Other elements of the package are nice to have – Harman/Kardon sound system, parking assistant plus with surround view and the beautiful Walknappa leather dashboard, for example. We’re not sure that most people will benefit from the automatic trunk lid, however – it doesn’t open high like a hatchback, nor is it heavy to close.
A premium compact sedan isn’t the best choice if you regularly have gear to haul but the trunk space in the new 3 is up from 447 to 481 litres and there are new storage partitions within the trunk. The car coped pretty well when we folded the rear seats and filled the available storage space during a Scouts bottle drive, possibly the first and last time an M340i will be used that way!
Note that in the US, most of the features of the Premium Excellence Package are split between the separate Premium (US$1,400) and Executive (US$2,100) packages.
BMW was a pioneer of the wide central display screen and the (initially frustrating, later refined) iDrive central menu control. The latest evolution of the concept in the new 3 Series is called BMW Live Cockpit Professional. It features version 7 of iDrive, with a 12.3in digital touchscreen above the centre console linked to a 10.25in digital instrument panel for the driver. The fully configurable screens boast excellent graphical resolution and clarity.
The whole setup is linked to the BMW Connected app for iPhone and Android, through which you can share destinations for the navigation, remotely lock or unlock the vehicle, check service alerts, fuel level and range, or set the interior temperature. The app also integrates with Google Assistant and Amazon Alexa. It was easy to install and straightforward to work with.
The latest evolution of the concept in the new 3 Series is called BMW Live Cockpit Professional. It features version 7 of iDrive, with a 12.3in digital touchscreen above the centre console linked to a 10.25in digital instrument panel for the driver.
New for this generation of 3 Series is the BMW Intelligent Personal Assistant, which responds to the voice command of ‘Hey BMW’. Aside from familiar phone or navigation-related voice commands, the assistant learns the driver’s preference over time for aspects such as heat settings and will respond to queries about the state of the car (such as ‘Is the oil level okay?’). More capabilities will be added to the assistant in the future; for now, we found it easy to use but of understandably limited use in a week-long test drive.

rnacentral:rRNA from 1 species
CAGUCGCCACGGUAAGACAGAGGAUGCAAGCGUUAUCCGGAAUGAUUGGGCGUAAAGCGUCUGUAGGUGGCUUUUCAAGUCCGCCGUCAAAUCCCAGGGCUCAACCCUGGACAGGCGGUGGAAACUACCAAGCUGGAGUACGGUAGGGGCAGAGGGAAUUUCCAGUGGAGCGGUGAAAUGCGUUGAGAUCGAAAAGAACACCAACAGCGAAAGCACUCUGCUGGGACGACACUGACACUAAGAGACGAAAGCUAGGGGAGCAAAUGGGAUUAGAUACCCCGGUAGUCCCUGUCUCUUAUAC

Also worthy of note is how the 8-speed Sport Steptronic (automatic) transmission cleverly interacts with the navigation system and the active cruise control’s radar sensor – for example, to avoid unnecessary shifts during a sequence of corners, or use engine braking to slow down when approaching a vehicle in highway traffic. It’ll also use the optional Navigation System Professional (not fitted here) to prevent unnecessary or inefficient use of auto start-stop.
Engine and chassis upgrades
No new generation of 3 comes without improvements to its mechanical fundamentals – especially when the previous generation didn’t always live up to the nameplate’s high standards.
We’ll begin with the traditional heart of a BMW, the inline six-cylinder engine. The improved unit in the M340i has a new, single, twin-scroll turbocharger with an integral exhaust manifold and impellers that weigh approximately 25% less than those of preceding models. This should help the turbo build boost more rapidly. Meanwhile new fuel injectors increase the injection pressure to 350 bar for more precise fuel delivery and cleaner combustion.
Two important chassis changes are the adoption across the range of ‘lift-related dampers’ and an improved steering setup. The former is a passive system designed to improve body control on undulating roads; note however that the optional, Adaptive M Suspension (C$600) was fitted to our test car.